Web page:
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When should I consider getting a roof inspection?


• If a home inspection shows a few minor problems with the roof

and

• If a home inspection estimates a roof life of less than 10 years

and/or

• If your home inspector doesn’t get onto the roof during the inspection

and/or

• If you just want a roof inspection because the roof protects the house and belongings inside

or

• If the roof is brand new (sometimes sellers will get a new roof in anticipation of selling the house but won’t research for a good roofer. They could have a new roof that is missing important components such as flashing or underlayment or is not installed to code!)


There isn’t any need for an additional inspection if the inspector already recommends replacement. There probably isn’t any need for a roof inspection if the roof is brand new and it has a written transferrable workmanship warranty (make sure you read the warranty).



Why wouldn’t I just go with what a home inspection says?


Home inspectors typically have very limited construction knowledge and limited time for each inspection. Extensive training and time would be crucial to find every issue with every component of a house.



Do home inspections ever actually miss anything major?


Yes! It is very common for buyers to receive a home inspection stating that the roof has at least two years of life left when it’s in desperate need of replacement. The inspection may mention relatively minor issues such as some nails backing out or bad rain collars (the rubber part of the flashing around the vent pipes) but miss major granule loss or overlook major damage from large amounts of moss having been removed.



What if I find out the house needs a new roof and can’t find a roofer who can replace it before the sale?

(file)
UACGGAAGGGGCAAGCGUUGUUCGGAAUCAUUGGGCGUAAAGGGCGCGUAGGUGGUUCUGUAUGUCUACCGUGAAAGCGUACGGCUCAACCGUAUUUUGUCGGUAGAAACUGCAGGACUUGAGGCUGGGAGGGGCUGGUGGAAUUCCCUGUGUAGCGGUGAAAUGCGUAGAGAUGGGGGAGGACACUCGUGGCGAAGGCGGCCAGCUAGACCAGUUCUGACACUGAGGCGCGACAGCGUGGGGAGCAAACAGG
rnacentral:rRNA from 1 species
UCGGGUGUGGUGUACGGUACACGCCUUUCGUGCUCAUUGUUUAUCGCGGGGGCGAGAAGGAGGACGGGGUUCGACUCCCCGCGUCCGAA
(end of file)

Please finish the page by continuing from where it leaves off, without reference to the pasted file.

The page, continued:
If you go with a local lender such as Umpqua Bank or a credit union they are much more likely to offer what is called an escrow hold-back. Basically, with an escrow hold-back the seller signs a contract to have the roof done with the contractor and provides the contractor the down payment. Money will be kept as part of escrow in order to pay the contractor the final payment for the finished roof after you already have the loan to buy the house.



How can I verify that the contractor a seller has chosen will do a good job and is properly licensed and insured?


• Look up the contractor’s CCB number (our CCB number is 226020) at https://www.ccb.state.or.us/search for a history of compliance and complaints

• Look up the contractor at bbb.org

• Read online reviews

• Be skeptical if they offer things which may be too good to be true such as 30 year shingles or 50 year shingles (very high end shingles such as triple laminates may last 30 years)

Flat Rate Roofers LLC recently filed an assumed business name (ABN) a.k.a. doing business as name (DBA): Divergent Roofing. You may be wondering, "why?" "Why divergent" or "why a new name at all?" Those are both great questions and this post should help clear them up.



Divergent Roofing Logo


First let's answer, "Why a new name?" Flat Rate Roofers started with the idea of providing a roofing installation service that went way above the status quo. A big part of that included doing a thorough inspection before doing a re-roof so the price you are quoted is the price you pay in the end. The thought was, the fact that almost nothing could raise the price once a contract was signed, would resonate with people. Little did we know, people are so used to contractors finding every excuse possible to get them to sign a change order to raise the price, that even when a homeowner had the concept clearly explained, they wouldn't believe it or maybe they would just forget. We will still work hard to avoid change orders which raise the price. The name however, wasn't resonating with people as well as hoped, so it has been scrapped while the company is still young enough for that not to be a huge deal. Another big reason for changing the name is people commonly referred to it as "Flat Rate Roofing" instead of "Flat Rate Roofers".